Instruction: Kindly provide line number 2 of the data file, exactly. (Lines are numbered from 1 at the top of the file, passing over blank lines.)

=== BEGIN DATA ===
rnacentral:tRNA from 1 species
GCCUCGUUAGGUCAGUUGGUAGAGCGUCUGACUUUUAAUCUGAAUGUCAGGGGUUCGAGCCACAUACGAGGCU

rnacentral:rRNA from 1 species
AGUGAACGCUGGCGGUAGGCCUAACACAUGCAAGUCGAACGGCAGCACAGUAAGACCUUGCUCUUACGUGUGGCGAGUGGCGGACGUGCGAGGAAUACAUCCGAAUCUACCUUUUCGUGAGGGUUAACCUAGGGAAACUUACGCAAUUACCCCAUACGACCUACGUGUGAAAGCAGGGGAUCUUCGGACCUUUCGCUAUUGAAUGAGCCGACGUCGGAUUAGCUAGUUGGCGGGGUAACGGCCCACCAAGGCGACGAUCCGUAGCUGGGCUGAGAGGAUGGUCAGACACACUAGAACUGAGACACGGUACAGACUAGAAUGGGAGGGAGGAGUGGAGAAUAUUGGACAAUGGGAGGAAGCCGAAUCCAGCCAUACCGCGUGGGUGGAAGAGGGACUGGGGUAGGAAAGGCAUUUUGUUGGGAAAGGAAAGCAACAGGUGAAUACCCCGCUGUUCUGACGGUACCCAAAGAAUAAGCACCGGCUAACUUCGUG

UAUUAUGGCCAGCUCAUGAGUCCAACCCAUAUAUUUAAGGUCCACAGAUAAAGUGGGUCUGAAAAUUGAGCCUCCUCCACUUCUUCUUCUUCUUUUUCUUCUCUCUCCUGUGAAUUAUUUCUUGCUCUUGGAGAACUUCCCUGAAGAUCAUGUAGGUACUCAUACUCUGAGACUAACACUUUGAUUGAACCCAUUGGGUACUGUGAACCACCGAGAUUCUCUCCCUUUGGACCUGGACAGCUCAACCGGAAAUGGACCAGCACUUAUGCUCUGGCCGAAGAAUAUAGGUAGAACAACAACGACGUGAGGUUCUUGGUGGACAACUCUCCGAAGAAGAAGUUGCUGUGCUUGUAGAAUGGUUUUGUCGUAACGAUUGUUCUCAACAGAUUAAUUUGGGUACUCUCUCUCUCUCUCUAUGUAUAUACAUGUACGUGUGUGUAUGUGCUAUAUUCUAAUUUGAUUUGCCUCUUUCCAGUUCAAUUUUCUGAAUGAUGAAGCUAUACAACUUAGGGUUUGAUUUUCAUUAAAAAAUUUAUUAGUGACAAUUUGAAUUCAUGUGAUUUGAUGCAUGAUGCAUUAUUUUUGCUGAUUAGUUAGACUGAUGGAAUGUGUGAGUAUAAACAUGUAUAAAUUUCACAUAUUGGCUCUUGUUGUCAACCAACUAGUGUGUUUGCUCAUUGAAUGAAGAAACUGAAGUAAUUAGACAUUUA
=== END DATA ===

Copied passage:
GCCUCGUUAGGUCAGUUGGUAGAGCGUCUGACUUUUAAUCUGAAUGUCAGGGGUUCGAGCCACAUACGAGGCU